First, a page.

Nurse said insulin overdose 'won't leave mark', court hears
ACCUSED murderer Megan Jean Haines once allegedly told a boyfriend she "knew how to kill a person without being detected" by injecting them with insulin, a jury has heard.
The former aged care nurse wore a black suit jacket with her hair tied in a tight bun as she faced her first day of trial for the alleged Ballina murders of St Andrew's nursing home residents Isabella Spencer and Marie Darragh in 2014.
Crown prosecutor Brendan Campbell told Sydney Supreme Court on Monday a former boyfriend would be called to give evidence about a conversation he allegedly had with Haines while watching a crime show on television in 2009.
Mr Campbell said Haines had told her former partner the criminals on the "CSI-type" show were "all stupid" and she knew how to kill somebody and get away with it.
"It's easy," she allegedly continued.
"Insulin. Just inject them with insulin."
When pressed on why it would not be detected, Haines allegedly said: "Because the body continues to metabolise the insulin so it looks like natural causes" and "if you are good at injections, it won't even leave a mark".
Ms Darragh and Ms Spencer were found in comatose states with elevated insulin levels the morning they died.
Ms Haines has pleaded not guilty to murdering the two women.
The 12-juror panel was told Haines had only worked six shifts at St Andrew's nursing home when the two residents died.
Mr Campbell said Haines had a history of complaints from patients since she began working as a registered nurse in Australia in 2001.
She was on her sixth shift at St Andrew's on the night two residents died in May 2014.
"Within that time she had accumulated a number of complaints from residents," he said.
"(Former director of care) Wendy Turner spoke to the accused and advised her that there were complaints from three residents and that they would have a meeting about that the next Tuesday.
"And she reminded the accused of the reporting conditions to AHPRA (Australian Health Practitioner Regulation Agency).
"The next morning, members of the jury, two of those residents that had complained were dead."
Mr Campbell said staff initially suspected Ms Darragh, 82, and Ms Spencer, 77, had died from either heart attack or stroke.
Ms Spencer had previously suffered a severe stroke that left her with dense left-side paralysis, he said.
But the court heard blood tests revealed the two women had elevated levels of insulin, causing them to "go into hyperglycaemic shock, coma and death".
Mr Campbell said neither woman had been prescribed insulin and alleged they were administered "a drug they did not require, with the intention of killing them".
Defence barrister Troy Edwards said his client did not dispute insulin injections had killed both women but she denied administering insulin injections to either of them.
He questioned whether Haines had motive or was even aware Ms Darragh and Ms Spencer had made complaints about her.
A third woman had also made a complaint against Haines but had been found alive and well the next day, Mr Edwards said.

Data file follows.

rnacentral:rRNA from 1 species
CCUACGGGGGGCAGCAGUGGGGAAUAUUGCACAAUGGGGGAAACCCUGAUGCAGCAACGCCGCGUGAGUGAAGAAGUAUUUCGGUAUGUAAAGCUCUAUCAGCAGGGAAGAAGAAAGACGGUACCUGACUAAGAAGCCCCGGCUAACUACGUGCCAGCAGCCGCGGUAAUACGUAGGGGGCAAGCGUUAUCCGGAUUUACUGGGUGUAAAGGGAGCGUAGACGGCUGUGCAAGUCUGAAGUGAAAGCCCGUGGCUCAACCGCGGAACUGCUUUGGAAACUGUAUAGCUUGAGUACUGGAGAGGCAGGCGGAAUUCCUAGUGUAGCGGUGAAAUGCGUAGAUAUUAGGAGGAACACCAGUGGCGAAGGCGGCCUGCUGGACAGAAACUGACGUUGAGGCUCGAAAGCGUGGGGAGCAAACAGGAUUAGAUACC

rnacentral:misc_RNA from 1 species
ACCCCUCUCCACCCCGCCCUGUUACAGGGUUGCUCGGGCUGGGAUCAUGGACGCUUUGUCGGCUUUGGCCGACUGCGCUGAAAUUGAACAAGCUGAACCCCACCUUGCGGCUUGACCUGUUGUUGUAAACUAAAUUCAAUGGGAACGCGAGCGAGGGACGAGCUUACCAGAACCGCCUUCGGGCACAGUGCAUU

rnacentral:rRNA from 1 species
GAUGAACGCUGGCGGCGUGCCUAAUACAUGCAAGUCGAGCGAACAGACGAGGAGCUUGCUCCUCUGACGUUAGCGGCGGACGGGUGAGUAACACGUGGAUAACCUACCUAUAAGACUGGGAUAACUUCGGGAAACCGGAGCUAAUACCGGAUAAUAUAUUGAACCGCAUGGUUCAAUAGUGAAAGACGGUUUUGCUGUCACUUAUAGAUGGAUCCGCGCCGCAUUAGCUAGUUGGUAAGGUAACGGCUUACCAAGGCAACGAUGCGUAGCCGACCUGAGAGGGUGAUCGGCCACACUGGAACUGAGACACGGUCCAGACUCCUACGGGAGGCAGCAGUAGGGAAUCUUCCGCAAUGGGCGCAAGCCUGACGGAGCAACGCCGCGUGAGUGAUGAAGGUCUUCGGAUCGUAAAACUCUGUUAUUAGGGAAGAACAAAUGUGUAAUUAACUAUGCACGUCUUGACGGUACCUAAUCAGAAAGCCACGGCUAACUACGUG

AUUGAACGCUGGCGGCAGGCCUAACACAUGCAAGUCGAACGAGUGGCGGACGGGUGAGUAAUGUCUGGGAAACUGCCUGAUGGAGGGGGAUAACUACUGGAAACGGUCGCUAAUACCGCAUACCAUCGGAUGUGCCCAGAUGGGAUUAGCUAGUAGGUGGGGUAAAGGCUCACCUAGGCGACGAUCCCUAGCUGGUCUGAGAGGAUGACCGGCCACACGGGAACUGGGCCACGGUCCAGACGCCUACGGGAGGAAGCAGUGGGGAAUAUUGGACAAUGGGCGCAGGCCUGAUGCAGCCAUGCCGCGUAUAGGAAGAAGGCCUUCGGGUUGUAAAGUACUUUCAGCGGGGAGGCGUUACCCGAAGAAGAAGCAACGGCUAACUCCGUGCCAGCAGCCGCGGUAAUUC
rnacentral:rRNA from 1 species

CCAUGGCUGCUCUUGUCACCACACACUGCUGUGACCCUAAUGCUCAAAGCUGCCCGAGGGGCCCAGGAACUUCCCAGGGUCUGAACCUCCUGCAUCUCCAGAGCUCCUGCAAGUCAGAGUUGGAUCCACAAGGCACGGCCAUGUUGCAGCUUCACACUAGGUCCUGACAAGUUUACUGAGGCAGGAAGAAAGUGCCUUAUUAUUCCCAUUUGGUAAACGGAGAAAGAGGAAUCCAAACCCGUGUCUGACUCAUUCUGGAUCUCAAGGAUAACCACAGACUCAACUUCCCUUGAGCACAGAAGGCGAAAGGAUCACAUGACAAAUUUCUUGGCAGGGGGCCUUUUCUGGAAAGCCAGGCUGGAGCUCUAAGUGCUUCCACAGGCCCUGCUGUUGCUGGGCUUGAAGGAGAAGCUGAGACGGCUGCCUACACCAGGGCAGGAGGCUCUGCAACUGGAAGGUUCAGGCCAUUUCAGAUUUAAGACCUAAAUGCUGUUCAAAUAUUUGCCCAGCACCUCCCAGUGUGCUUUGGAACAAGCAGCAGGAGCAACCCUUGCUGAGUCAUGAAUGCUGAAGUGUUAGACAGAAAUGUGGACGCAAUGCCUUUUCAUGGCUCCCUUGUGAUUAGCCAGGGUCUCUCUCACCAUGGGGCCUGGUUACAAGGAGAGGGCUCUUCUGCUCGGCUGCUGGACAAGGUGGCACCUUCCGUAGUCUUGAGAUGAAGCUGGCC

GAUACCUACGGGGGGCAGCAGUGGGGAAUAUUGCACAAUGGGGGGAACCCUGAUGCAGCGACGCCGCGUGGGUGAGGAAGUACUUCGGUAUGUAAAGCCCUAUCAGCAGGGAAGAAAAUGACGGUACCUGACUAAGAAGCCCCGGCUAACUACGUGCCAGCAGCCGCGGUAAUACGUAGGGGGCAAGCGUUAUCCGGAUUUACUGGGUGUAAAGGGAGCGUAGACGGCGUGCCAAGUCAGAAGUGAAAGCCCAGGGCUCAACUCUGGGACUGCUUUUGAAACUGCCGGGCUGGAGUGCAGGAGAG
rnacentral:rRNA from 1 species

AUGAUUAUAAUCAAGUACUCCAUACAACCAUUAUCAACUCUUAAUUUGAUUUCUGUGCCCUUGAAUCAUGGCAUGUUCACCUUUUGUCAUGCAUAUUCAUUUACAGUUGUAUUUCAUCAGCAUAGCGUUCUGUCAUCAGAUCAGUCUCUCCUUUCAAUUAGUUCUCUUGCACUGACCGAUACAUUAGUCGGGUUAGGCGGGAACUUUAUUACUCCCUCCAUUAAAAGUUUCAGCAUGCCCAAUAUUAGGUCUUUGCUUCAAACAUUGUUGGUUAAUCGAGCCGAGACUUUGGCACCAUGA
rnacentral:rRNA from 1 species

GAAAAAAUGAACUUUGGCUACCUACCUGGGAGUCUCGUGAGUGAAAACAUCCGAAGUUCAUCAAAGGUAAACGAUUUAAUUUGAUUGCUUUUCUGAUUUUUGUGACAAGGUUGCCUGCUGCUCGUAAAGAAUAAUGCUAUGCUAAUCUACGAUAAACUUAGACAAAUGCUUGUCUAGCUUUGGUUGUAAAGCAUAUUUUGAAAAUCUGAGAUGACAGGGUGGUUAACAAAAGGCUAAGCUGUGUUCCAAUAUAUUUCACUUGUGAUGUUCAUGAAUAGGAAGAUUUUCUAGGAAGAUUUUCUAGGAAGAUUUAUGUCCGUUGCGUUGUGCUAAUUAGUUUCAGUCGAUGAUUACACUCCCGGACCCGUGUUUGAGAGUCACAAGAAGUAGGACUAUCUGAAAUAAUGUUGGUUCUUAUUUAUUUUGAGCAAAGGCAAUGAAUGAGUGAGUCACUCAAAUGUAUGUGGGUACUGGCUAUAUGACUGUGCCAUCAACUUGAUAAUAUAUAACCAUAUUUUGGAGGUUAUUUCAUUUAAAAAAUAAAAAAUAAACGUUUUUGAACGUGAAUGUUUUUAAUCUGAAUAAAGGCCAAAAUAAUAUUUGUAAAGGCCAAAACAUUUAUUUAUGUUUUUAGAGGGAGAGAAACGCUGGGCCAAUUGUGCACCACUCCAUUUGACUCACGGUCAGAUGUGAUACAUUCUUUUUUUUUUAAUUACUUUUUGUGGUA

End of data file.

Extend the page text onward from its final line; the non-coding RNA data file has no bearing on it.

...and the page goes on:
He added the alleged conversation years earlier with his client's boyfriend about how to get away with murder had little relevance.
Mr Edwards said he would ask the jury to decide whether it was just "about the circumstances of the television show" she was watching.
Mr Campbell said the court would hear evidence about a phone call police intercepted between Haines and a person called "Herman" on May 16 in which she allegedly implied she knew the women had been given the wrong drugs.
He said the message had been sent before experts and toxicology tests had determined insulin overdose was the cause of death.
Haines had "demonstrated knowledge that she could not have known, except that she was the killer", he said.
Mr Campbell also outlined a series of complaints that had followed Haines since she arrived from South Africa and started working as a registered nurse in Victoria.
The allegations related to inadequate nursing care and, once, a text message in which she allegedly threatened to access confidential patient information, Mr Campbell said.
He said Haines was the only registered nurse working on the night the two women died, and she was the only one of five staff on shift whose staff swipe card gave her access to the facility's medication rooms.
But he said a lightning strike had damaged the system and, while otherwise functional, it had not recorded which swipe card had opened any particular door.
CCTV allowed staff to monitor entry points to the facility but it did not record the footage.
Both Ms Spencer and Ms Darragh had medical issues but their conditions had been considered stable at their last check-ups, the court heard.
Mr Campbell said Ms Darragh, an avid Brisbane Broncos supporter, watched rugby league on TV the night she died.
Justice Peter Garling has sent the jury to nominate a foreperson during an adjournment, with defence barrister Troy Edwards to make his opening remarks when the court resumes.
Sydney-based Detective Sergeant Sergeant Gunn, who led the police investigation, was briefly called on to give evidence before the matter was adjourned.
The possible eight-week trial will resume at 10am on Tuesday.